(OT) Space surveillance system developments

From: Allen Thomson (thomsona@flash.net)
Date: Sat Oct 30 2010 - 13:59:33 UTC

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    A couple of news items on developments that may eventually have an effect on Space Track TLEs -- or not.  It's not clear if the Western Australia site would host one of the new S-band radars or some other sensor.
    WA base set to keep eye on space junk
    October 30, 2010 - 6:24PM
    Western Australia is set to host a new multimillion-dollar US defence base to that will help keep watch on dangerous space junk.
    US Defense Secretary Robert Gates is poised to announce the base when he visits Australia next week with Secretary of State Hillary Clinton, The West Australian newspaper reported on Saturday.
    It is understood the base is likely to be built at the top secret Harold E Holt Naval communications station [21.818 S, 114.166 E] at Exmouth, in a major expansion of the US military footprint within Australia.
    [Defence Minister Stephen Smith] said "While no decisions have yet been made, Australia and the United States are discussing the potential for supporting the US Space Surveillance Network and the development of Australia's space situational awareness."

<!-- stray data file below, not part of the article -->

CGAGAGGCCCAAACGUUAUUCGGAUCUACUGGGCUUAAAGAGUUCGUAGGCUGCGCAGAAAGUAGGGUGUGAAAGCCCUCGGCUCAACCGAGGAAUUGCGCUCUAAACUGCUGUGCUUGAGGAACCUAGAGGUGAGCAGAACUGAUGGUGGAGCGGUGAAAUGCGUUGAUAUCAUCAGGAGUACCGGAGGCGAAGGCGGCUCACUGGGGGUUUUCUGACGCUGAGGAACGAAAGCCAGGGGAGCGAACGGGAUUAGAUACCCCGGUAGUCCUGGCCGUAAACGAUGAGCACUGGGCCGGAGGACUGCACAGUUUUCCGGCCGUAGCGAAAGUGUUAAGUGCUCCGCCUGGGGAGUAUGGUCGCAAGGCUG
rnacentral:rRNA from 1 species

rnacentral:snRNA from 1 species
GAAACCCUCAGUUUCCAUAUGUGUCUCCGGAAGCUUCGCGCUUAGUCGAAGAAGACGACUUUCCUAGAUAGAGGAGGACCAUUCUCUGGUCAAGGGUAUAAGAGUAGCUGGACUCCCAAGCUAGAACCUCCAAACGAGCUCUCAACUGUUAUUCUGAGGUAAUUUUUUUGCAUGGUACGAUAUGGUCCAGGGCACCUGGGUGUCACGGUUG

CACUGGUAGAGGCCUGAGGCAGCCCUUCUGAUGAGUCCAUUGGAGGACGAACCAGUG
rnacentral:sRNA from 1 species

Space Fence design moves into next phase
    Posted 10/28/2010 
    by Chuck Paone
    66th Air Base Group Public Affairs
    10/28/2010 - HANSCOM AIR FORCE BASE, Mass. (AFNS) -- Electronic Systems Center officials released a request for proposal announcement Oct. 20, 2010, for the next phase of a program that will revamp the way space objects and debris are identified and tracked.
    The Space Fence program, with a total anticipated value of more than $3.5 billion, will deliver a system of geographically dispersed ground-based sensors to provide timely assessment of space events, said program manager Linda Haines. 
    The Space Fence will use multiple S-band ground-based radars -- the exact number will depend on operational performance and design considerations -- that will permit uncued detection, tracking and accurate measurement of orbiting space objects. It will replace the Air Force Space Surveillance System, or VHF Fence, that's been in service since 1961. 
    After completion of this phase in 2012, ESC officials expect to award a production contract that will lead to final system development, fielding and full operational capability.
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